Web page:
Secret zero, also called secure introduction, is a challenge in secrets management. How can a workload access secrets without having to first pass that workload a credential, itself a secret, to access the secrets management platform? Our problem statement identifies secret zero as a problem to be solved.

HashiCorp Vault provides authentication methods that solve the secret zero problem. One such method is the Azure authentication method. The Azure authentication method uses an Azure managed identity assigned to the workload to authenticate with Vault. An Azure resource such as a virtual machine (VM) or Azure Function has the managed identity built or assigned at creation. Vault SDKs allow developers to use the managed identity to authenticate with Vault without needing access to a password or any other kind of secret.

(Note: Rob Barnes’ blog post on Integrating Azure AD Identity with HashiCorp Vault — Part 3: Azure Managed Identity Auth via Azure Auth Method is an excellent examination of the Azure authentication method.)

We need to create a role within the Azure authentication endpoint in Vault. The role can filter by a number of Azure attributes. For this demonstration we are going to create a role called appcert and limit access to the role by subscription id and resource group of the managed identity.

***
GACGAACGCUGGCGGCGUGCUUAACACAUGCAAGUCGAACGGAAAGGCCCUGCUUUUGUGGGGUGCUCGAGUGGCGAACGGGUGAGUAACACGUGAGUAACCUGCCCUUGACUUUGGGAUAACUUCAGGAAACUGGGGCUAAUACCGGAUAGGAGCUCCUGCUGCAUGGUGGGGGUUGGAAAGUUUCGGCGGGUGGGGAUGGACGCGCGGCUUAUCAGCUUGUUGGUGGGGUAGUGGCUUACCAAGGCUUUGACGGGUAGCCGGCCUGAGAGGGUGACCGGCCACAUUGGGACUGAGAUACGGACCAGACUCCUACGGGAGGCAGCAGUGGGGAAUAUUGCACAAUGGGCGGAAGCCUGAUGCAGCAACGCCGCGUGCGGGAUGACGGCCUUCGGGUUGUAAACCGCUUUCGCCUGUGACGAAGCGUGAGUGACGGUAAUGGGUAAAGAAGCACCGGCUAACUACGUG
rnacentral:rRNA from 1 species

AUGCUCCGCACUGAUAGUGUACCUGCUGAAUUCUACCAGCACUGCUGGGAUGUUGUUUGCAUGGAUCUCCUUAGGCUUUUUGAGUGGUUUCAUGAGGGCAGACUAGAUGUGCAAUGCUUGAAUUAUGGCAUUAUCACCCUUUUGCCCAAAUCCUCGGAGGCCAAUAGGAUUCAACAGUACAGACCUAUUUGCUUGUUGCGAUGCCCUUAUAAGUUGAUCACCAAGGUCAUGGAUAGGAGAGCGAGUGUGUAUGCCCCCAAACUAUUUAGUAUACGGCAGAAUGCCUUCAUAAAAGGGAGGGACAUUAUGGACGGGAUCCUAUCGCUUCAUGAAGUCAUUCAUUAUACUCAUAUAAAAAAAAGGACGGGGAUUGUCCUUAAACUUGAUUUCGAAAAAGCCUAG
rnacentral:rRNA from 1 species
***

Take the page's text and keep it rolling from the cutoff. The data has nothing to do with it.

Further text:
vault write auth/azure/role/appcert \
 token_policies="default,pki-local" \
 bound_subscription_ids=xxxxxxxx-xxxx-xxxx-xxxx-xxxxxxxxxxxx \

This authentication endpoint allows any Azure workload running within the given subscription and the Csmith-proj-sentinel-resources resource group to authenticate. Workloads authenticating to this endpoint are given a token with the pki-local policy. With this policy, the workloads will be able to generate certificates for child domains of the domain.

Next, we build infrastructure to run our workload. For our demo we will create a virtual machine. We will also create a user-defined managed identity and assign it to the VM. The identity can be used on multiple VMs or other Azure resources. The important thing to remember is that the identity is tied to the workload, not to the specific Azure resource.